Tag  |  love-christian-living

Mixed Bag

My pastor sat down in my church office and told me about a parishioner he had encountered years ago at another church. The woman, known for her criticism, felt that he did nothing right, and she shared those sentiments with others. His sermons weren’t the kind of preaching she liked. At best, she said, they were “mediocre.” She even asked him why he didn’t preach like some of the ministers on TV. When he met to talk with her about her criticisms, she didn’t back down. But even with all of the venom he received from the woman, my pastor could say to me, “There were many wonderful things she did for the church. We’re all mixed bags, Marlena, all mixed bags. Just remember that.”

The Greatest Love Story

In 2013, John and Ann Betar became the oldest known American married couple as they celebrated their 81st wedding anniversary. Their advice on staying happily married includes the following: “Don’t hold a grudge. Forgive each other. Live accordingly,” John advises. And Ann adds, “It is unconditional love and understanding. We have had that. We consider it a blessing.”

Best Prom Ever

When Tom Carlisle told his parents he didn’t wantto attend his high school’s prom (formal dance), they understood. Tom is a young man with special needs, and he knew he wouldn’t be comfortable in that social setting.

Are You Proud of Me?

Recently, while I was out jogging, I listened to a recorded conversation between a 9-year-old son and his father. Rain poured down on me, but my eyes were even wetter from tears. The father told his son of the immense joy he felt on the day of the boy’s birth when the doctor had handed him his son for the first time. He also shared the concern he harbored that day: “You know, [I felt] fear . . . I gotta bring up a black boy in Mississippi, which is a tough place to bring up kids . . . there are statistics that say black boys born after the year 2002 have a 1-in-3 chance of going to prison.” Then he added these sobering words: “All three of my sons were born after the year 2002.”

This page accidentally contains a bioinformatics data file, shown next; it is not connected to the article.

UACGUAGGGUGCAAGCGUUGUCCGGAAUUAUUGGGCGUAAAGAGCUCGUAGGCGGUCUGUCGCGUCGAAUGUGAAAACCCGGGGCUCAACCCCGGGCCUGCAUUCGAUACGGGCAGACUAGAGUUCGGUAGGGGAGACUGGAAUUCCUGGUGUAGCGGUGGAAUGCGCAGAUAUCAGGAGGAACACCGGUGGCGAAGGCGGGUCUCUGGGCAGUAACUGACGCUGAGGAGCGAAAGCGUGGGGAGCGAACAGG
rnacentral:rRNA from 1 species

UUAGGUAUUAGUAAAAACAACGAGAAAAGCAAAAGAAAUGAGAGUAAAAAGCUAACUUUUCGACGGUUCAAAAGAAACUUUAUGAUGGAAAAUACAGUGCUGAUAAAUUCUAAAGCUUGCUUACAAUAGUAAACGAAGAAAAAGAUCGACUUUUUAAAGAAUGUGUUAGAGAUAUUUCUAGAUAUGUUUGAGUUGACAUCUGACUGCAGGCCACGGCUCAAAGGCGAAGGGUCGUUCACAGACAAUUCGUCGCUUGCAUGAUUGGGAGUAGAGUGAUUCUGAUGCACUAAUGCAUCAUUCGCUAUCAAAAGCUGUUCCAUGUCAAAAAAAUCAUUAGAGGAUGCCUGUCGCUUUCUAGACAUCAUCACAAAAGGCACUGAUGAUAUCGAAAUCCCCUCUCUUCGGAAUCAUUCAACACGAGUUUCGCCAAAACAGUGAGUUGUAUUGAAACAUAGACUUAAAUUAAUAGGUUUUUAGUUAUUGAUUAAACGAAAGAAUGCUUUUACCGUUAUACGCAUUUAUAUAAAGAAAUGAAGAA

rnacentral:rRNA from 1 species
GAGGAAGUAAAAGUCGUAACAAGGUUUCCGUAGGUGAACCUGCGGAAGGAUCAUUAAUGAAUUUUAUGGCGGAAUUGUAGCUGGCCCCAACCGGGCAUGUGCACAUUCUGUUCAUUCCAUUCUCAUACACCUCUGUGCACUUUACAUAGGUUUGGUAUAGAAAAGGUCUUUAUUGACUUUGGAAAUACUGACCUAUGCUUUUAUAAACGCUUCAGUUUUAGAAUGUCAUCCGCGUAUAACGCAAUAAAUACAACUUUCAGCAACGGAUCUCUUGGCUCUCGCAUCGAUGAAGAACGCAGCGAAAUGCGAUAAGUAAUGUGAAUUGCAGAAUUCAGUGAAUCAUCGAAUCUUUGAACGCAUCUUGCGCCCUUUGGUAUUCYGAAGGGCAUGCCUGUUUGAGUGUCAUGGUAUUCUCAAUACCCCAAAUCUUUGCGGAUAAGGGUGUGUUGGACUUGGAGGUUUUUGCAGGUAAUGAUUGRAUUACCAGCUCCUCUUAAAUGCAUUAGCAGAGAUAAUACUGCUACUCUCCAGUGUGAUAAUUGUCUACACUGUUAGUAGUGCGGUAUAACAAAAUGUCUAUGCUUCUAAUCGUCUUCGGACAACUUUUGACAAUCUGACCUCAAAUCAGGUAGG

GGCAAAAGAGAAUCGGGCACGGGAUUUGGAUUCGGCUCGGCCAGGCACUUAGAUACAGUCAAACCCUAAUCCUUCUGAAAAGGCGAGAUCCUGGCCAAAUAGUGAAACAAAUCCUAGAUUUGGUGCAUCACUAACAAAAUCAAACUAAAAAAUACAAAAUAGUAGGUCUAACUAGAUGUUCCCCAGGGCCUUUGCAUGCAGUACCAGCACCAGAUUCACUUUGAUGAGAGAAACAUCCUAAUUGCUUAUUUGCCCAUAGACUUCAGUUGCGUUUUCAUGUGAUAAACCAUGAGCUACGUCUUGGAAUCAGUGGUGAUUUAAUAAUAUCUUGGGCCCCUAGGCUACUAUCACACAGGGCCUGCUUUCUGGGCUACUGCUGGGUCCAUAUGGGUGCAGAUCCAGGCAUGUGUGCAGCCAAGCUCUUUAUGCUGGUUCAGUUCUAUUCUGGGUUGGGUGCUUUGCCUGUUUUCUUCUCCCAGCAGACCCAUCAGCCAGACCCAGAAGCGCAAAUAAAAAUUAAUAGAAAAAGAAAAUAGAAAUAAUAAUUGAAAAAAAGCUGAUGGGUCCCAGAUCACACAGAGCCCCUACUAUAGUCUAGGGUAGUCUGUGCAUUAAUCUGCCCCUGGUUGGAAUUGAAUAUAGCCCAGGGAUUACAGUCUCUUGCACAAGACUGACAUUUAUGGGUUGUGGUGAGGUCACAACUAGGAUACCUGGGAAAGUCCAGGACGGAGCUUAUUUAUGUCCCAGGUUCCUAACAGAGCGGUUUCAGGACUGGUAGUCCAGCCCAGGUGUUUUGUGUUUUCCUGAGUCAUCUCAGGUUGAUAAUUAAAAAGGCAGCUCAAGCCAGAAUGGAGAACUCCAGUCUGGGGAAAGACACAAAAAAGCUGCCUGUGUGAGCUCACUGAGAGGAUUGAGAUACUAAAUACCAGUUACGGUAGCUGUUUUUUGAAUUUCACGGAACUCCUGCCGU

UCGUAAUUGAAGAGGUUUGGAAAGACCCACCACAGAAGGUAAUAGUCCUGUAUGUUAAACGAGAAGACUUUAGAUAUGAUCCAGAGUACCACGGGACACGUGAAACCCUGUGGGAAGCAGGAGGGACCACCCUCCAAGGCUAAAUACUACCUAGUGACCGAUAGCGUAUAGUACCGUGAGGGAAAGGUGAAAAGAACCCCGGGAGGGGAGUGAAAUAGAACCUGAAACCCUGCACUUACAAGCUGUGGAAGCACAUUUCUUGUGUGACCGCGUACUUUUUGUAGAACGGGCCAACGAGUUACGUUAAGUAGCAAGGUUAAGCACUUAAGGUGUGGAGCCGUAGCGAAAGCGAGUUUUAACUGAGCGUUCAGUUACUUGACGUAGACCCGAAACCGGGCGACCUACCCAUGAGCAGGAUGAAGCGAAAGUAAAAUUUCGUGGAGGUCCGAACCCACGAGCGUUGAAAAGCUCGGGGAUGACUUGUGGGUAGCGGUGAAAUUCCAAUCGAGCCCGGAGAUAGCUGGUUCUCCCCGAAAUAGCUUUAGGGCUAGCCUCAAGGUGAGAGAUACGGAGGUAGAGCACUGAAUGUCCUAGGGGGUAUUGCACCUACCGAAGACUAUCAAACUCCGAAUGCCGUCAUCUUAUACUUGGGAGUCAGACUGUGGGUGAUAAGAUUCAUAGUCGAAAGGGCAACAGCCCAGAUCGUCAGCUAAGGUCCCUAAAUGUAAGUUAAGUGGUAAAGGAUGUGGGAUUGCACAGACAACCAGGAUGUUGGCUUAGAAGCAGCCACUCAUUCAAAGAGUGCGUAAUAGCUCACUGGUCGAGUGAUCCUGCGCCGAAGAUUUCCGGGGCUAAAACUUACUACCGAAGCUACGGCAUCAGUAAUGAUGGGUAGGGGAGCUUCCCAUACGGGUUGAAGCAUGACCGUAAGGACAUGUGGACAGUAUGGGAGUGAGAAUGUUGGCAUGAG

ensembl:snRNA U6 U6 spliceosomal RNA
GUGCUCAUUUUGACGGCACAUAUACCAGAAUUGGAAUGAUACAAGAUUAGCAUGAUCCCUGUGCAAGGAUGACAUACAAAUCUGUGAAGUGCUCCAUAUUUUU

Loving Beyond Borders

I first experienced the beauty of the global body of Christ when I traveled from South Africa to Malaysia as a teacher. In that country, with its varying religions and cultural beliefs, I found a spiritual home away from home. From the moment I stepped into the little church down the road, I was warmly welcomed and treated like family. Thousands of kilometers away from where I grew up, I met people with the same spirit and the same love for Jesus.

Leading Well

Pastor and author John Maxwell wrote, “People buy into the leader before they buy into the vision.” In other words, if we don’t believe in the character, wisdom, and vision of a leader, we face the challenge of following someone we don’t trust or respect.

Unfailing Love

A friend of mine got divorced after her husband left her for another woman. Years later I was talking with her father when the subject of their broken marriage came up. “That’s when [vulgar word] was still around,” he said. “That’s what I like to call him: [vulgar word].”

Loving God, Loving Others

While watching the orbit of Uranus, astronomers noticed that the planet didn’t seem to orbit as expected, almost as if there was another unknown planet nearby whose gravity was pulling Uranus toward it. Using mathematics, the scientists were able to compute both the position and the mass of this unknown object and then observed it for the first time in 1846: the previously unknown planet Neptune. Math allowed them to identify Neptune before they could even see it!

Let Us Love

It was a great tragedy for our whole community. My daughter’s first-grade teacher died in childbirth, along with her baby. She was just 36 years old. It broke my heart to see her in a casket with the baby in her arms.

Radical Love

Early in his career, former Ku Klux Klan (a white supremacist group) leader Johnny Lee Clary met African-American Reverend Wade Watts at a radio station debate. “Hello Mr. Clary,” Reverend Watts said before they went on air. “I just want you to know that I love you and Jesus loves you.”

Driving Out Darkness

In early 2015, a fraternity at the University of Oklahoma in the US was caught on video singing a deeply offensive and racist song. Reaction by university officials was swift and stern, and rightly so. But what did Isaac Hill, president of the school’s Black Student Association, have to say? After all, the chillingly racist chant had targeted African-Americans.

Adopted